China’s politically volatile global trade surplus surged to $676.4 billion in 2021, likely the highest ever recorded by any country, as exports jumped 29.9% over a year earlier despite semiconductor shortages that disrupted manufacturing.
The country’s trade surplus in December swelled 20.8% over a year earlier to a monthly record of $94.4 billion, customs data showed Friday.
China piled up a series of monthly export surpluses in 2021 but they prompted less criticism from the United States and other trading partners than in earlier years while they focused on containing coronavirus infections.
Exports rose to $3.3 trillion in 2021 despite shortages of processor chips for smartphones and other products as global demand rebounded from the pandemic. Manufacturers also were hampered by power rationing imposed in some areas.
The surplus with the United States, one of the irritants behind a lingering U.S.-Chinese trade war, rose 25.1% in 2021 over a year earlier to $396.6 billion. Trade envoys have talked since President Joe Biden took office in January but have yet to announce a date to resume face-to-face negotiations.
Exports to the United States gained 27.5% over 2020 to $576.1 billion despite higher tariffs imposed by Biden’s predecessor, Donald Trump, that still are in place on many goods. Chinese imports of American goods rose 33.1% to $179.5 billion.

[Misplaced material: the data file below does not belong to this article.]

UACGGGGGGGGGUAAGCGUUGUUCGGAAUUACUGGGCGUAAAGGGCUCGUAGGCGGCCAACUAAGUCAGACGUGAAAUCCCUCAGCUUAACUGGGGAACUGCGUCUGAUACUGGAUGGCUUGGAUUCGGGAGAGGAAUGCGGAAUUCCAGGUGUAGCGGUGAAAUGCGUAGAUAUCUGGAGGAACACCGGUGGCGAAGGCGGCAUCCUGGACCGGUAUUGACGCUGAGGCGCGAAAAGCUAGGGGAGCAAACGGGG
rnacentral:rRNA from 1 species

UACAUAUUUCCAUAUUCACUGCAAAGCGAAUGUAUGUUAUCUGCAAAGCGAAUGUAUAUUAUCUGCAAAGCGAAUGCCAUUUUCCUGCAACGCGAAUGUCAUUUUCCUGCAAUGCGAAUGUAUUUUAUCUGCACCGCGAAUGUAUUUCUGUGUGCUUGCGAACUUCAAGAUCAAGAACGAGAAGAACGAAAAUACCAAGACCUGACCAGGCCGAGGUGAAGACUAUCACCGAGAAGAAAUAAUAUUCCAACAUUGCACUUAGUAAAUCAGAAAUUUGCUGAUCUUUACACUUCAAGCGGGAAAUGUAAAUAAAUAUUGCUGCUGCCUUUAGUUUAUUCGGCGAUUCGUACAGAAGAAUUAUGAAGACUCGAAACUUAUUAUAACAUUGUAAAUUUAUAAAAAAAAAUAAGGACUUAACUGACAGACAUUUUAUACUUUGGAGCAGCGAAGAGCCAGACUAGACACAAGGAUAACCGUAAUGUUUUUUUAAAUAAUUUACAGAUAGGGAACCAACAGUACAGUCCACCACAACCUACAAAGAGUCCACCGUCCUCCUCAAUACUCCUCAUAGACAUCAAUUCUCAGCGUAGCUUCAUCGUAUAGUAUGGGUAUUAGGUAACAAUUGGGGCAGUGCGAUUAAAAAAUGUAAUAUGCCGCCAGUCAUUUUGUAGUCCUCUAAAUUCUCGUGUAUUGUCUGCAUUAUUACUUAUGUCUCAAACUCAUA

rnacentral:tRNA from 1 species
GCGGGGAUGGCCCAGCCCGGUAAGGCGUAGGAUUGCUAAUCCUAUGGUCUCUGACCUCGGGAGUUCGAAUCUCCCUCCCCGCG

Chinese imports in 2021 rose 30.1% to $2.7 trillion as the world’s second-largest economy rebounded from the pandemic.
Economic growth weakened in the second half of the year as Beijing carried out a campaign to reduce what it sees as dangerously high debt in the real estate industry, but consumer spending was above pre-pandemic levels.
The country’s global trade surplus was a 26.4% increase over 2020, which economists said earlier was among the highest ever reported by any economy. They said the only comparison as a percentage of the economy was likely Saudi Arabia and other oil exporters during the 1970s, but their total revenues were smaller.